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Republican Manifesto: Freedom, supply-side economics, capitalism, anti-socialism, anti-demand, natio
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A guaranteed job denies the crucial fact that all jobs are to some extent created by the worker; it is only he who can guarantee the job, by the act of supplying labor, undergoing hardship, achieving distinction, and thus becoming part of the struggle by which human life improves itself.



It comes from the output of productive jobs elsewhere, either through increased taxes, expanded financial borrowing, or directly inflationary creation of money. All three possible sources diminish the wealth available to the private sector for purchasing capital equipment that sustains jobs, for spending on goods and services produced by jobs, and for savings that go into job-creating home construction and renovation.



The result is that whether the federal government borrow or taxes or inflates to finance its job-creation programs, the victims are likely to be the small-and moderate-sized firms that can more cheaply and efficiently and productively employ the poor. Since the government was spending over 10 billion annually in the late seventies and much of the money was going to unionized municipal workers and middle-class social servants, the simultaneous rises in unemployment, labor-force withdrawal, and small-business failure in the inner city are not as surprising as they may seem.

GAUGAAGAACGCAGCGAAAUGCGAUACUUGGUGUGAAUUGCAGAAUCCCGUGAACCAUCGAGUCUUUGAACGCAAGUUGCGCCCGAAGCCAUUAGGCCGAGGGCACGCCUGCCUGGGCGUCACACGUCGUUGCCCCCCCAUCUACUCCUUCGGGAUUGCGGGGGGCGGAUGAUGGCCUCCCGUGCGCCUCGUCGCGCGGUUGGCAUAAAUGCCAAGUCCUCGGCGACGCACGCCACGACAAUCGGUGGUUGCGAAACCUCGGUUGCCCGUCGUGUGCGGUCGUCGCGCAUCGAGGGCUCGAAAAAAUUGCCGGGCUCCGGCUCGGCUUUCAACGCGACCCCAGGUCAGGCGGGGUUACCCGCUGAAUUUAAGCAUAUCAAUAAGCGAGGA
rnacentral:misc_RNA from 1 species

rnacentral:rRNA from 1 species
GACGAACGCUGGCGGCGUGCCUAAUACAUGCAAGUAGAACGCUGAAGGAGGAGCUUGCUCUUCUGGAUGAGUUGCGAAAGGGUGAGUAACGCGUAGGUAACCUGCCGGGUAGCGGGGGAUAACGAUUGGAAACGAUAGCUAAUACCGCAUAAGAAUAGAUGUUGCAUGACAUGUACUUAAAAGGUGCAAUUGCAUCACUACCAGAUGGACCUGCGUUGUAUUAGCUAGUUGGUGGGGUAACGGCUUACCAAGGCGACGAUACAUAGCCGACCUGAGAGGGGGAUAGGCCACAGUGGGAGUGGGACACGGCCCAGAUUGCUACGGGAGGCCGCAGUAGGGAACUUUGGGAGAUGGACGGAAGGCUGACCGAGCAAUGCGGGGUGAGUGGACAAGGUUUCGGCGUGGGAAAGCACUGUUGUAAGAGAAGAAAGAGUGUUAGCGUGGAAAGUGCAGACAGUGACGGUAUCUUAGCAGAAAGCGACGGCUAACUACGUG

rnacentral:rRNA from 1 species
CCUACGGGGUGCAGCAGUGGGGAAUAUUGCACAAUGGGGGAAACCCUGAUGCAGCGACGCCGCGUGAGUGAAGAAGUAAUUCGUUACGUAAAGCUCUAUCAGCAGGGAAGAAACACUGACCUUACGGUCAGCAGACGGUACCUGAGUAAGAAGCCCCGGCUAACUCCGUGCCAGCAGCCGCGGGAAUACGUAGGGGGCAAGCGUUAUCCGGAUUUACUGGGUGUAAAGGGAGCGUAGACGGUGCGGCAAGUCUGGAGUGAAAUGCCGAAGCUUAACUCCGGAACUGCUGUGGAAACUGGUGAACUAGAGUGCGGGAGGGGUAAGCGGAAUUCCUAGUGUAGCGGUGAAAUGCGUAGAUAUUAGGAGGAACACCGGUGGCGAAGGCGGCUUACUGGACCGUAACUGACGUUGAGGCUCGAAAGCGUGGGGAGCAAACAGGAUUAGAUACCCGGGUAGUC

By paying the minimum wage and more for work far less stressful than the petty manufacturing, retailing, and other menial jobs available in the lower reaches of the private sector, the welfare jobs raise still further the labor costs of small business and decrease their number and profitability. Potential permanent jobs involving real work are replaced by artificial jobs that offer a deceptive and demoralizing work experience and that once again deprive the poor of an understanding of their real predicament: the need to work harder than the classes above them in order to gain upward mobility. This insult is compounded by the injury of a net creation of many fewer jobs and the shift of new jobs from petty enterprise to credentialed bureaucracy and countercultural self-expression.



Within the US, the states are independent from the federal framework to a large extent, in that they are responsible for their own budget. This situation allows a variety of economic philosophy to exist. Unfortunately for those states that have progressive fiscal spending programs, they often dont work as well to those whose curtail government spending. An example of this socialist vs. capitalist struggle is apparent in Massachusetts where including all the government jobs, employment growth in the state was less than half as rapid as in the rest of the country. The prospects for the future seemed worse, at least for private employment. According to the First National Bank of Boston, the state suffered an acute decline in capital investment and in 1977, the commonwealth ranked dead last among all the fifty states in its share of new corporate plants within its borders. Massachusetts ranked number one in terms of welfare payments, welfare growth, welfare percentage of the state budget; ranked high in both unemployment and unemployment compensation. In essence, government replaced private industry.